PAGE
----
Source Link: What I want you to know about being a working mom


Original Source of this article: Ruth Davis’ OC Blog , https://ruthrdavisblog.wordpress.com

Racism isn’t just about racists: on the curious empathy for white lady tears

Last month I became the subject of a targeted online attack from a group of white supremacists who were angry with me for adopting black children and promoting diversity on my blog. It was vicious. They trolled me for days on twitter and youtube, calling my children the N word, altering and making derogatory memes out of their photos, and making blatant sexual comments about my young children. They also posted photos of my home, my husband’s cell phone number, and any other information they could find. It was scary and alarming.

I wrote about the experience and received an outpouring of support. Friends and strangers alike helped report the really disturbing tweets. People emailed and left messages of support, and shared my post on their facebook accounts. It was even written up in the parenting section of the New York Times’s website.

But all of this attention had some unintended consequences for some of my friends.

I am blessed to be in relationship with a tribe of strong and smart black women . . . women who are doing the work of anti-racism every day, and who are very vocal in telling both their own stories and the stories of others who have encountered systemic racism. They’ve been fighting this fight for years, both publicly and privately (because when you navigate life as a person of color, you don’t get to just take a break from racism by closing the computer screen.) These women have strong voices and have sounded the battle cry to fight racism over and over again. And much of that has been met with complacency, silence, or even outright denial. They’ve been ignored. They’ve been questioned.

They’ve been asked to produce proof.

And then here is a white woman, having what is really her first major encounter with direct racism, who is immediately believed, championed, and supported.

It was hurtful. It wasn’t my intention, and it wasn’t the intention of my supporters. But the contrast of our community’s reaction to my own story of racism vs. their own? Was painfully clear. I was immediately believed. There was swift outrage and action. And that has not been the case for them.

This whole incidence was started by white supremacists, but what it revealed was the more insidious nature of racism. Sure, blatant racists are a problem. But these people are outliers. White supremacists are a dying breed of ignorance, and are disdained by the general population. The more pervasive form of racism in this decade is not idiots on twitter shouting the N word. It’s the subtle but ever present elevation of the white experience over the black experience. It is the sympathy and support afforded to me, as a white woman, that is not always offered to people of color.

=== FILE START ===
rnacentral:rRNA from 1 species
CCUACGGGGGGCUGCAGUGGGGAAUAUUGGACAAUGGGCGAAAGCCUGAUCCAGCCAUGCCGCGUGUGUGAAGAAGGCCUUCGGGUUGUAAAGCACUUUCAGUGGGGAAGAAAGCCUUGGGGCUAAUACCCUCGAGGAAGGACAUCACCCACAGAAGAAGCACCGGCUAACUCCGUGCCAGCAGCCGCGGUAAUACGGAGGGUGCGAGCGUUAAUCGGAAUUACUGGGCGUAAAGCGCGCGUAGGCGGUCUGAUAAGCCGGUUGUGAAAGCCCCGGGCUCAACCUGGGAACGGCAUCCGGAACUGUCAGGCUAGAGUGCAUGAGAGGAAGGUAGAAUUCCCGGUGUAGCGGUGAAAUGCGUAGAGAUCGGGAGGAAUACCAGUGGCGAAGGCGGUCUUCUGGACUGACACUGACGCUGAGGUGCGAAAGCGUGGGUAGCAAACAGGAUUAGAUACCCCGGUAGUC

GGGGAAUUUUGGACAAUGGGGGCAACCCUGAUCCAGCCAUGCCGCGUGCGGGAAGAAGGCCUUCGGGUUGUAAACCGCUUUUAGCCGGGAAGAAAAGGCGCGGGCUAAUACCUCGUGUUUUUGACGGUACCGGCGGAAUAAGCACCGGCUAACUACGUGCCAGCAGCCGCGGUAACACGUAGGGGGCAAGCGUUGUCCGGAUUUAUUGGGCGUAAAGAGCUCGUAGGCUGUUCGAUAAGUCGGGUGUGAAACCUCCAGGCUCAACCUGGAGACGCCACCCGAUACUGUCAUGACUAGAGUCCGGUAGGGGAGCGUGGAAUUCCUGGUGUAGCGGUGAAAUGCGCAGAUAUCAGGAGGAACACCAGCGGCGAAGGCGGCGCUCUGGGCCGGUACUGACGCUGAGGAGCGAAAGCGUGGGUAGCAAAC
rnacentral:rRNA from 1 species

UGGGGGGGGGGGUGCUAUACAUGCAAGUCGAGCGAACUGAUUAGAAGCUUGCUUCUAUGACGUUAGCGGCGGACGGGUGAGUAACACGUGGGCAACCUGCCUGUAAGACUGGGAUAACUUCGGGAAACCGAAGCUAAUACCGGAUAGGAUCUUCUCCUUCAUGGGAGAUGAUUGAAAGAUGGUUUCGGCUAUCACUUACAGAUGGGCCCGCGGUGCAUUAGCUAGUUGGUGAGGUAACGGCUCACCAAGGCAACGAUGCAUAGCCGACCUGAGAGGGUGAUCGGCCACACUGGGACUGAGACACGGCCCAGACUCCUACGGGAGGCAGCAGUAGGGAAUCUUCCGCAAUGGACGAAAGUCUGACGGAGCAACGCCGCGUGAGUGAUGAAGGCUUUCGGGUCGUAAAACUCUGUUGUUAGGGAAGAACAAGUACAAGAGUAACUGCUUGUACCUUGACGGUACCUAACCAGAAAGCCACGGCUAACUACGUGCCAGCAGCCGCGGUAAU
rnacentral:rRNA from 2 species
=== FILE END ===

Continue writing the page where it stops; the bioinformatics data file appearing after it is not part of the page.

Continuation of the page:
Photo Feb 23, 11 26 19 AM

I want to be clear: I’m not scolding anyone for supporting me in the midst of this harrassment. It meant more than I can ever say. The support I received was hugely encouraging and really kept me sane in the midst of an insane ordeal. However, I do want to encourage everyone to take inventory. If mine was the first blog post about racism you ever shared on facebook, why is that? If you supported me, I am so grateful. But I will also ask that you make sure that you are supporting people of color, whose stories are plentiful and who have dealt with far more of this, both online and off. When you hear their lived experiences, offer them the same lack of skepticism that was offered to me. Believe them. Hear their pain. And be outraged with them.

Several months ago, I came across a photo of a painting that my friend A’driane Nieves did. It was shortly after the Sandra Bland incident, and I felt that the painting so strongly embodied the silencing of black bodies, and in particular black women, and the pain inherent in that. I wanted to have in in my home, both because I think it’s a beautiful work of art, but because I wanted a daily reminder of the solidarity I want to extend to my black sisters, so I reached out to A’driane to see if I could buy it. Ironically, this painting arrived at my house in the midst of this whole ordeal, and just as I was processing the pain that this had inadvertently caused to some of my friends, including A’driane, who were kind and brave enough to be vulnerable with me about their perspective and experience.

addy paiting

This painting means even more to me now.

I realize that blatant racists are an easy target in the fight against racism, but they aren’t the main target. The main target is much more subtle and insidious . . . it’s racism without the racists. It’s the system of privilege that makes my tears more synpathetic to white people because of the color of my skin.  It’s the pervasive and subtle everyday racism that people of color live with every day. Let’s push back against that.

To learn more ways to engage in anti-racism work, check out Black Lives Matter, The Southern Poverty Law Center, Color of Change, Public Allies, National Association for the Advancement of Colored People, Black Youth Project, and Dream Defenders.


Source Link: Racism isn’t just about racists: on the curious empathy for white lady tears


Original Source of this article: Ruth Davis’ OC Blog , https://ruthrdavisblog.wordpress.com

A Little Piece of Paris at the Venetian in Vegas

Bouchon Bistro
3355 S. Las Vegas Blvd. 
Las Vegas, NV, 89109